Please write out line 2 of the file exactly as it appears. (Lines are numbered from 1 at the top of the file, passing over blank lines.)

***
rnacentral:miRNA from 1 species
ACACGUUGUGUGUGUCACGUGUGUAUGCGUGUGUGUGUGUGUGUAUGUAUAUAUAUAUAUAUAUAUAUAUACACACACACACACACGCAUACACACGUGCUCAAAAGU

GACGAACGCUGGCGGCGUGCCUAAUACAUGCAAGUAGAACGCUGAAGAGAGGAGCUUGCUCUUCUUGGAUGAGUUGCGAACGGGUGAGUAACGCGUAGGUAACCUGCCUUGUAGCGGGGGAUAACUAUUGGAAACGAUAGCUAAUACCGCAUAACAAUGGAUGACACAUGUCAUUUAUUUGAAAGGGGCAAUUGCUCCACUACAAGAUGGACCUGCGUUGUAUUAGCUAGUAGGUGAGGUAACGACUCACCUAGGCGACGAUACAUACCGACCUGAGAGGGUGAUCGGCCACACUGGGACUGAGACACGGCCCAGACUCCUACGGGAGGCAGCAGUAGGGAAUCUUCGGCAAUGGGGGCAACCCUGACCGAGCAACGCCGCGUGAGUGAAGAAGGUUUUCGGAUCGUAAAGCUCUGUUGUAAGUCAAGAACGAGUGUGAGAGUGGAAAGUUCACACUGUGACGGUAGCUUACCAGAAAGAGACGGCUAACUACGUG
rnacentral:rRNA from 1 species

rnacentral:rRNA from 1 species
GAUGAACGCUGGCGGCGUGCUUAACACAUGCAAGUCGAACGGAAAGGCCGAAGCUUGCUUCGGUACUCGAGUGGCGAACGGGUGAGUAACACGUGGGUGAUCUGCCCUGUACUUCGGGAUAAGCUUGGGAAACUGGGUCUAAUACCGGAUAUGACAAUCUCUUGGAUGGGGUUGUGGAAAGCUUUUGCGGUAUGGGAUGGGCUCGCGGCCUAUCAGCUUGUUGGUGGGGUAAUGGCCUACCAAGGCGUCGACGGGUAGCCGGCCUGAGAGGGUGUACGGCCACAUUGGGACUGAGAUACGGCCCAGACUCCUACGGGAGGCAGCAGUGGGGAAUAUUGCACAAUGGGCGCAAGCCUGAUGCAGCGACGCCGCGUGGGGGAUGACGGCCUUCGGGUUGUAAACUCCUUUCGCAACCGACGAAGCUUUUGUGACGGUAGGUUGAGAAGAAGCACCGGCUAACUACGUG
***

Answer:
ACACGUUGUGUGUGUCACGUGUGUAUGCGUGUGUGUGUGUGUGUAUGUAUAUAUAUAUAUAUAUAUAUAUACACACACACACACACGCAUACACACGUGCUCAAAAGU